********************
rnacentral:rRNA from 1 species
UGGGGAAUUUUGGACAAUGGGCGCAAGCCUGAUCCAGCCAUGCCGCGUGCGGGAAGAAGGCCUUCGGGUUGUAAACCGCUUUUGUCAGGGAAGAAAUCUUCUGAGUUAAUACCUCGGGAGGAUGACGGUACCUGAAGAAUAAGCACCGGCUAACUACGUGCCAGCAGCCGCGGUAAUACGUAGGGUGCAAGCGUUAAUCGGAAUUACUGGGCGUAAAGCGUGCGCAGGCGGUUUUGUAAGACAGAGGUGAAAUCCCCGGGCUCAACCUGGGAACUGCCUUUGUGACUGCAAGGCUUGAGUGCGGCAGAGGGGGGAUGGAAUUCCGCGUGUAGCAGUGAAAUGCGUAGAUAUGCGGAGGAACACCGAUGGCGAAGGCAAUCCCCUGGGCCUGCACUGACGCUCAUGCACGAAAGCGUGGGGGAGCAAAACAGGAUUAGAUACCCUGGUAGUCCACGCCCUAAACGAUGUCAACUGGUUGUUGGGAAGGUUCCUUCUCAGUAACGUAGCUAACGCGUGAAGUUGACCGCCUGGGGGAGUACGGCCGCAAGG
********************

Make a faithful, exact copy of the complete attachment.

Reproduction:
rnacentral:rRNA from 1 species
UGGGGAAUUUUGGACAAUGGGCGCAAGCCUGAUCCAGCCAUGCCGCGUGCGGGAAGAAGGCCUUCGGGUUGUAAACCGCUUUUGUCAGGGAAGAAAUCUUCUGAGUUAAUACCUCGGGAGGAUGACGGUACCUGAAGAAUAAGCACCGGCUAACUACGUGCCAGCAGCCGCGGUAAUACGUAGGGUGCAAGCGUUAAUCGGAAUUACUGGGCGUAAAGCGUGCGCAGGCGGUUUUGUAAGACAGAGGUGAAAUCCCCGGGCUCAACCUGGGAACUGCCUUUGUGACUGCAAGGCUUGAGUGCGGCAGAGGGGGGAUGGAAUUCCGCGUGUAGCAGUGAAAUGCGUAGAUAUGCGGAGGAACACCGAUGGCGAAGGCAAUCCCCUGGGCCUGCACUGACGCUCAUGCACGAAAGCGUGGGGGAGCAAAACAGGAUUAGAUACCCUGGUAGUCCACGCCCUAAACGAUGUCAACUGGUUGUUGGGAAGGUUCCUUCUCAGUAACGUAGCUAACGCGUGAAGUUGACCGCCUGGGGGAGUACGGCCGCAAGG